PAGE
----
It's the way when I first wrote about him, winning the 2004 US Open boys' title, I called him Andrew.
It's the way not even his mother now calls him Andrew.
It's the way the last person to call him Andrew was likely the court attendant who summoned Murray to be knighted by Prince Charles at Buckingham Palace.
It's the way you can't imagine British tennis without Andy Murray.
It's the way he'd rather you call him Andy, and not Sir Andy.
It's the way his old coach, Brad Gilbert, calls him Sir Muzzard.
It's the way his two Wimbledon titles and one US Open meant the world, but triumphing in a team cause at two Olympic Games and the 2015 Davis Cup perhaps brought even greater satisfaction.
It's the way he grew up dreaming of matching Tim Henman's achievements.
It's the way Henman now dreams he'd achieved anything close to Murray's success.
It's the way Fred Perry's son's phone has gone cold.
It's the way a squiffy Sean Connery and Alex Ferguson gatecrashed Murray's US Open final news conference to share in his celebrations.
It's the way the man who conquered Flushing Meadows couldn't help but swear and squirm in embarrassment last week when he shanked a backhand into a neighbour's garden.
It's the way I watched and squirmed next to Wimbledon's practice courts in 2017, when a limping Murray battled through a tough session.
It's the way Murray's hip followed David Beckham's metatarsal in becoming a national obsession.
It's the way he won four matches at that Wimbledon and it almost finished him off.
It's the way when he withdrew from Wimbledon "with a heavy heart" in 2018, you knew that was a spectacular understatement.
It's the way sport reporters and news teams race around Wimbledon each year chasing the most tenuous of Murray leads.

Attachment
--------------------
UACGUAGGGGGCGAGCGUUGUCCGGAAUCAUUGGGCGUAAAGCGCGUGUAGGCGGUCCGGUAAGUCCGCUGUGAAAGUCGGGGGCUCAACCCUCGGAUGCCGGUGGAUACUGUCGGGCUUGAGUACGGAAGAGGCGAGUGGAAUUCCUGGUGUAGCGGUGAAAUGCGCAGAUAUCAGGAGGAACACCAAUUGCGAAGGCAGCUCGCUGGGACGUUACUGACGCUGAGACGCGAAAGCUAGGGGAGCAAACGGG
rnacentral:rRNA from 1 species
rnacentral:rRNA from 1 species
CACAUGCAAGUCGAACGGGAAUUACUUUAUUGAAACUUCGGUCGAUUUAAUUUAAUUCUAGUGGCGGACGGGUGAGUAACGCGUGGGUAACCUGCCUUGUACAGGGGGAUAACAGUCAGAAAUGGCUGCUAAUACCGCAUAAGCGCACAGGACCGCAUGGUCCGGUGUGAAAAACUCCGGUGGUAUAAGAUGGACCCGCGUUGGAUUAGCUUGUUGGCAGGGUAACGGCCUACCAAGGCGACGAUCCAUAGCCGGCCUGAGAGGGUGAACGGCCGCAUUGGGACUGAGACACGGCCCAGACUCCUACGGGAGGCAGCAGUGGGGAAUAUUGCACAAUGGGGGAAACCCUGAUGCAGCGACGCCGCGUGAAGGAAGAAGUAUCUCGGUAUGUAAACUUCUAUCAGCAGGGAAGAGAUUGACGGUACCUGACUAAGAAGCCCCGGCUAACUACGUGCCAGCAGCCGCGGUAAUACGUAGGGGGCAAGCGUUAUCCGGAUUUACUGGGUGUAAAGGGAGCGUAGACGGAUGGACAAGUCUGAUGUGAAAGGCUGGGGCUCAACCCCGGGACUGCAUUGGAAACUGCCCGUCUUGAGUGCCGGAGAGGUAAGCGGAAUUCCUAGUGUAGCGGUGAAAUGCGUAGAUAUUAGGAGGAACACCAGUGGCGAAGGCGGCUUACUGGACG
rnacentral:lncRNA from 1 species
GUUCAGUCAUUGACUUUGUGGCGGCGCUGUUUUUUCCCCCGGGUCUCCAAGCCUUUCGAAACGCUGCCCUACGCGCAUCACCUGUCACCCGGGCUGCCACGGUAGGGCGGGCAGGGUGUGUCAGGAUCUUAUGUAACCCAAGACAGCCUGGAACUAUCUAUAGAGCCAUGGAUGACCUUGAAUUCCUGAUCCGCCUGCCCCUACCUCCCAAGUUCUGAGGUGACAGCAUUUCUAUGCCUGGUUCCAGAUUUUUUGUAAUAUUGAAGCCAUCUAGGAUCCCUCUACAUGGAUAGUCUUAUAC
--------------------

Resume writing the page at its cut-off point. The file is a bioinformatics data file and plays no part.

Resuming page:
It's the way he loves an ice bath, and won't be rushed to a post-match press conference.
It's the way those delays after a late-night match can make you miss the last tube train out of Southfields into central London.
It's the way he chose Amelie Mauresmo as his coach, on a hunch she was the best person for the job.
It's the way he's pals with Nick Kyrgios. It's the way Kyrgios adores Murray.
It's the way Murray shouts, screams and swears like a sailor on the plush lawns of the All England Lawn Tennis and Croquet Club.
It's the way he gets away with it, indulged like a naughty puppy.
It's the way even the stern Ivan Lendl could not put a lid on that famous potty mouth.
It's the way Murray turned 33 today - May 15, 2020 - and might never play again.
It's the way he's determined to play again, even as his body gives off warning sign after warning sign.
It's the way he was training with brother Jamie and coach Jamie Delgado but following social distancing guidelines on his birthday.
It's the way he's spent better birthdays - like the time he beat Novak Djokovic on clay in the Rome Masters Series final on May 15, four years ago.
It's the way Murray was once part of the 'Big Four' that has been trimmed to a 'Big Three'.
It's the way his three grand slams look paltry against Djokovic's 17, Rafael Nadal's 19 and Roger Federer's 20.
It's the way Djokovic, Nadal and Federer each know he had their number at one stage.
It's the way "anyone but England" was a brilliant, yet hopelessly misunderstood "Wales. Golf. Madrid. In that order" moment. And it's the way humourless knuckleheads incredibly still hold it against him.
It's all this and more, Andy Murray.
It's the way the story isn't over yet, if he has his way.